Ask a casual fan to roll through the list of reasons the Pittsburgh Penguins were able to emerge as back-to-back Stanley Cup champions and a familiar list of attributes comes up: dominant top-end talent, well-stocked with speedy secondary scorers, backstopped by one of the game’s top young netminders, etc…
One component of the club’s recent run that likely doesn’t get enough consideration? The forward-thinking approach from the team’s coaching staff.
And according to head coach Mike Sullivan, this may have been the key game-changer in 2017.
Specifically, Sullivan pointed to how his staff utilized the addition of the iBench system during the 2017 playoffs in their efforts to repeat as champions, telling The Boston Globe‘s Fluto Shinzawa the league’s new iPad system had a significant impact on Pittsburgh’s playoff strategizing.
The 2017 playoffs marked the first post-season in which teams were allowed to use this iBench system, putting iPads with real-time playback capabilities on the benches of each of the 16 playoff clubs. Whereas teams were previously forced to wait until the intermission to review video and instruct players about in-game adjustments, the new approach allowed coaches to do so in the moment, while the stakes were still high, reviewing on-ice events with their players immediately after said events occurred.
“The main areas where we probably gained the most use out of it was special teams, because you get immediate feedback,” Sullivan told Shinzawa in a piece published Saturday. “You can make subtle adjustments on the fly. In the playoffs, you might only get two power plays a game. So if you have the ability to make an adjustment that might lead to an opportunity to score or generate a scoring chance, that could be the difference between winning and losing.”
That meant, for example, the coaching staff reviewing a failed power-play zone entry attempt with Phil Kessel, suggesting a new approach and allowing the quick-footed winger to adjust and find more success on the very next play.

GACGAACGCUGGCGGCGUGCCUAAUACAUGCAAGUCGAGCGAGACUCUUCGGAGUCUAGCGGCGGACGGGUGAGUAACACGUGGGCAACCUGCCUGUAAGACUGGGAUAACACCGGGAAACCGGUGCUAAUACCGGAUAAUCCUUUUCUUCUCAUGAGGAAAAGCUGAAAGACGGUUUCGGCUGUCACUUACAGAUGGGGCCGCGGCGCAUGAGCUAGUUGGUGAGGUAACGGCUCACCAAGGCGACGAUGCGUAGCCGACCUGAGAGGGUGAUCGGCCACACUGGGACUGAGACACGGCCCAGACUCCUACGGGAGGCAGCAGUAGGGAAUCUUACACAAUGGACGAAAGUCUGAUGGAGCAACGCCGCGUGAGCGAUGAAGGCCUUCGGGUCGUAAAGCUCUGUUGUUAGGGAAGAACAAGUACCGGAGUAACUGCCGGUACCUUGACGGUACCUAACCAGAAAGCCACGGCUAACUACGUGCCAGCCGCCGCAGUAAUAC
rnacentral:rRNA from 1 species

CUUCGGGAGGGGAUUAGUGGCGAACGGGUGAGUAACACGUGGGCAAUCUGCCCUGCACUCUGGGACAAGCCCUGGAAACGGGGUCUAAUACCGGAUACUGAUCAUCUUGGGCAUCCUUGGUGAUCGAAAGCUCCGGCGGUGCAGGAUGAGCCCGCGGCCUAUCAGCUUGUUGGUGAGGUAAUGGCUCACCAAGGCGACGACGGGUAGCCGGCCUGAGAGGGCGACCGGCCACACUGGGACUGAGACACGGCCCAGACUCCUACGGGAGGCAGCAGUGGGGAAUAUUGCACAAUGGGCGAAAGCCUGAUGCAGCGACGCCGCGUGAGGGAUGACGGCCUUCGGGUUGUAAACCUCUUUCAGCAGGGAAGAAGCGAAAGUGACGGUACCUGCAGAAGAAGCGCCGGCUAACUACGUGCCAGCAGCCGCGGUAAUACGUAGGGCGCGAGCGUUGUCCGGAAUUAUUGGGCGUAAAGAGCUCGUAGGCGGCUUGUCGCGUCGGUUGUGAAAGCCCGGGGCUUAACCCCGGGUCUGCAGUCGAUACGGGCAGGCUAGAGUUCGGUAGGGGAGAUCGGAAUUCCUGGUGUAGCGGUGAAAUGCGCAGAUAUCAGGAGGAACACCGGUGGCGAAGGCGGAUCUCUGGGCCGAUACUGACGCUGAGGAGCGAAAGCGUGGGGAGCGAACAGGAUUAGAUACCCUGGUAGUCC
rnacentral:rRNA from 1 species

Those on-the-fly strategy changes undoubtedly paid off as the Penguins managed to connect on 20.5 percent of their power play chances during their 2017 run, leading the league in power-play goals while Kessel paced all skaters in this regard.
“I’ve always felt strongly that this is such a robust program,” Sullivan said. “But my experience of being around the game is that most coaching staffs use the tip of the iceberg. So my feeling has always been that, ‘Hey, if we can get better at this stuff than the other guys, then this could be a real competitive advantage for us.’
“On our staff in Pittsburgh, we spend a lot of time learning this stuff.”
Though the Penguins have two Stanley Cups in the bag, the latter championship tied directly to this new technological progress, Sullivan has his eyes on an even bigger step forward: in-game biometrics.
“Let’s say Kris Letang, he’s on an extended shift, 1:20, we take a penalty, and there’s a commercial break,” Sullivan said. “He’s our best defenseman. We’d like him to kill the penalty. There’s a 60-second commercial break, and now we’ve got to kill a penalty and the faceoff’s in our end. I can ask Kris Letang, ‘Hey, how do you feel? You good to go?’ He’s always going to say yes. His heart rate could be 250, and he’d say, ‘Yeah, I’m good, Coach.’ That’s the type of guy he is. But it would be nice if you had some sort of understanding of the physiology of the player and where they’re at.”
Whether the league gets to that point at any time during Sullivan’s NHL tenure remains to be seen, but there’s no denying that the game has evolved considerably as of late.
And it seems those that have embraced this change willingly, like Sullivan and his staff, are reaping the rewards of this progress.